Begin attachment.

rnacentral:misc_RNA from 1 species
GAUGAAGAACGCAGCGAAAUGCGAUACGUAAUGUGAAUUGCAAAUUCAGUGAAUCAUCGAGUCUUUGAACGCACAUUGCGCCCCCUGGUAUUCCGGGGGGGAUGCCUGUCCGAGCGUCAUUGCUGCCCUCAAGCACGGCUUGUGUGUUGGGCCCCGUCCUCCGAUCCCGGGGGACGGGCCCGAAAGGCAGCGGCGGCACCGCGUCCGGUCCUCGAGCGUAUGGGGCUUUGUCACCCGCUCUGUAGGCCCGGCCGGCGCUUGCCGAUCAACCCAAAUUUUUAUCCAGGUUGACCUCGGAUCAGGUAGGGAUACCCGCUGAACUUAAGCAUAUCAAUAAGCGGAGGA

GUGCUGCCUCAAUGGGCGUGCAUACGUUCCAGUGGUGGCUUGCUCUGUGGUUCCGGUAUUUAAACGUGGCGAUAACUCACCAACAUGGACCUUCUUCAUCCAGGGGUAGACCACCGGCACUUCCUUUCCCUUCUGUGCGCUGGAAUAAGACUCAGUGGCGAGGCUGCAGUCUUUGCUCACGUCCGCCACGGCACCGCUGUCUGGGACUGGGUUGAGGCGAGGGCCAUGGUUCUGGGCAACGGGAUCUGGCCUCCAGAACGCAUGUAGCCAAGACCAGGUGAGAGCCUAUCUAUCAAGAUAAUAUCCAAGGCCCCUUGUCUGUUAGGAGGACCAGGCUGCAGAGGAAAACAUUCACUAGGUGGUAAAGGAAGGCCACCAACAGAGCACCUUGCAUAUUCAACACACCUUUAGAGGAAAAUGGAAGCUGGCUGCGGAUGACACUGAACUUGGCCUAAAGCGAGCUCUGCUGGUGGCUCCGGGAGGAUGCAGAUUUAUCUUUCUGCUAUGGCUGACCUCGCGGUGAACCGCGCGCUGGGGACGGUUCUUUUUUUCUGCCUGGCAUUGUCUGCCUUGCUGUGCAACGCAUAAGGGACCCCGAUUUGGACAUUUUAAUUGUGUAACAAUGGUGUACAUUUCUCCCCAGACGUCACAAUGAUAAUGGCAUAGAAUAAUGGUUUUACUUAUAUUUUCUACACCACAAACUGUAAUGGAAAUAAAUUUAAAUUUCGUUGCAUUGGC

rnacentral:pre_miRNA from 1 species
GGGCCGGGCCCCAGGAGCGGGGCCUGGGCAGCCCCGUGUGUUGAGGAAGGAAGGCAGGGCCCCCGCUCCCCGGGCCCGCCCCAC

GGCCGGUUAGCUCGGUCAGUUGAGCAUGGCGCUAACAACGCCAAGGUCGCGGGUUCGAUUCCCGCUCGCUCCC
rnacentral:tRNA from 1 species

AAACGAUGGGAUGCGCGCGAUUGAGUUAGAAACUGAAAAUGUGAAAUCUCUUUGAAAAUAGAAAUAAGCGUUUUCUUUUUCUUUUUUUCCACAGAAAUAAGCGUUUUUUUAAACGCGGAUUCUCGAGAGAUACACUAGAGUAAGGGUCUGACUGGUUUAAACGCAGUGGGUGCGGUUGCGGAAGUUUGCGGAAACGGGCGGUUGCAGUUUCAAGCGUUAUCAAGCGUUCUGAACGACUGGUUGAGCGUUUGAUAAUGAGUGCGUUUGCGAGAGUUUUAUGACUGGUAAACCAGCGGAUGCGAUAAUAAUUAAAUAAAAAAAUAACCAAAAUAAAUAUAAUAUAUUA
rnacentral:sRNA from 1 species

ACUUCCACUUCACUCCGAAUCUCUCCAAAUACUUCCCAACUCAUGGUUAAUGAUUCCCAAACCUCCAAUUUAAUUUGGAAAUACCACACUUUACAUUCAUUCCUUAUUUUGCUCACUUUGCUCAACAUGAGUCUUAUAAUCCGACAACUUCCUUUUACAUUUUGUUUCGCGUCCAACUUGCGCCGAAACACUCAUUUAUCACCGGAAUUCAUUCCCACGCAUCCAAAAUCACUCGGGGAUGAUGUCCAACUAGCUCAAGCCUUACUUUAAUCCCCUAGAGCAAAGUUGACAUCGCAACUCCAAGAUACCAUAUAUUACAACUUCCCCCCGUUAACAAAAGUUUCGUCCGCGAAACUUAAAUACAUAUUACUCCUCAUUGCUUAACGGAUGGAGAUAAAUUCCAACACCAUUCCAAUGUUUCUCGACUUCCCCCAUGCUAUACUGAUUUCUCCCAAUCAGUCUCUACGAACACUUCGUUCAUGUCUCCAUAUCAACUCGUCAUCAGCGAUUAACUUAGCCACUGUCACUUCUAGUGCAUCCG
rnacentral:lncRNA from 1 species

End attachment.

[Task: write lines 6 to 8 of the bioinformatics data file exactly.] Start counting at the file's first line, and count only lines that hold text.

GGCCGGUUAGCUCGGUCAGUUGAGCAUGGCGCUAACAACGCCAAGGUCGCGGGUUCGAUUCCCGCUCGCUCCC
rnacentral:tRNA from 1 species

AAACGAUGGGAUGCGCGCGAUUGAGUUAGAAACUGAAAAUGUGAAAUCUCUUUGAAAAUAGAAAUAAGCGUUUUCUUUUUCUUUUUUUCCACAGAAAUAAGCGUUUUUUUAAACGCGGAUUCUCGAGAGAUACACUAGAGUAAGGGUCUGACUGGUUUAAACGCAGUGGGUGCGGUUGCGGAAGUUUGCGGAAACGGGCGGUUGCAGUUUCAAGCGUUAUCAAGCGUUCUGAACGACUGGUUGAGCGUUUGAUAAUGAGUGCGUUUGCGAGAGUUUUAUGACUGGUAAACCAGCGGAUGCGAUAAUAAUUAAAUAAAAAAAUAACCAAAAUAAAUAUAAUAUAUUA